Red flags didn’t stop the Waffle House shooting
The vast majority of Americans, including ardent Second Amendment defenders, agree that people with serious mental illness shouldn’t have access to a firearm.
And yet it keeps happening with regularity and the most tragic consequences.
In a Waffle House outside Nashville last month, a deeply disturbed man with an assault-style rifle randomly killed four people — three men and a woman, all in their 20s. The victims were a musician, a student in social work, a cook saving money to start a family, and a 20-year-old home appliance installer who had just texted his mother about how much he loved her.
The accused gunman, 29-year-old Travis Reinking, had a long and open history of aberrant behavior and even lost his legal right to own a firearm last August after an incident outside the White House.
In two years leading up to the shooting, Reinking had threatened suicide, menaced an employee of his father’s crane company with his AR-15, complained to police about singer-songwriter Taylor Swift hacking his phone, and dived into a public pool wearing a pink woman’s housecoat.
Flags don’t get much redder than that. So what loophole allowed him to take up deadly force? After the White House incident, when Reinking had to surrender his gun owner’s license to sheriff’s deputies in Illinois, where he lived at the time, his four guns — including the AR-15 — simply went to his father, Jeffrey, who held the necessary license.
“We had no legal justification to seize the weapons,” Tazewell County Sheriff’s Chief Deputy Jeffrey Lower said. “We cannot seize property without a warrant or a crime being committed.”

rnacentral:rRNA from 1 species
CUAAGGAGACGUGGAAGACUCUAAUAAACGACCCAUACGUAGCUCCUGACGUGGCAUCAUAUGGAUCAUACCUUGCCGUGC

Instead, deputies warned the father to keep guns away from his son. That didn’t happen.
The overwhelming majority of people with mental illness are not violent. But Reinking joined America’s growing ranks of those clearly known to be emotionally unstable and threatening, and who still manage to arm themselves and commit slaughter.
They include Seung Hui Cho, who killed 32 at Virginia Tech in 2007; Jared Loughner, who shot Rep. Gabby Giffords and 18 others in 2011; Aaron Alexis, who gunned down 12 at the Washington Navy Yard in 2013; Esteban Santiago, who left five dead at the Fort Lauderdale Airport last year; and high school shooter Nikolas Cruz, who ended 17 lives on Valentine’s Day in Parkland, Fla.
Federal gun laws disqualify the mentally ill from owning firearms only if they have been involuntarily committed by a court — a high bar that fails to cover many of the deranged and dangerous. An Obama-era regulation, adding mental-health information for a relatively small number of people to the national gun background check system, was reversed in a bill signed by President Donald Trump last year.
The good news is that “red flag” laws are cropping up across the country. These allow law enforcement to obtain a court order for seizing firearms from a person whose mental condition renders them a clear menace.
Six states (California, Florida, Maryland, Oregon, Vermont and Washington) have them, and 20 more have them under consideration, including Illinois. Given Reinking’s tragic circumstances, these laws need to require that seized guns be kept by law enforcement or a federally licensed firearms dealer, and not merely turned over to a relative who might give them back to their troubled loved one.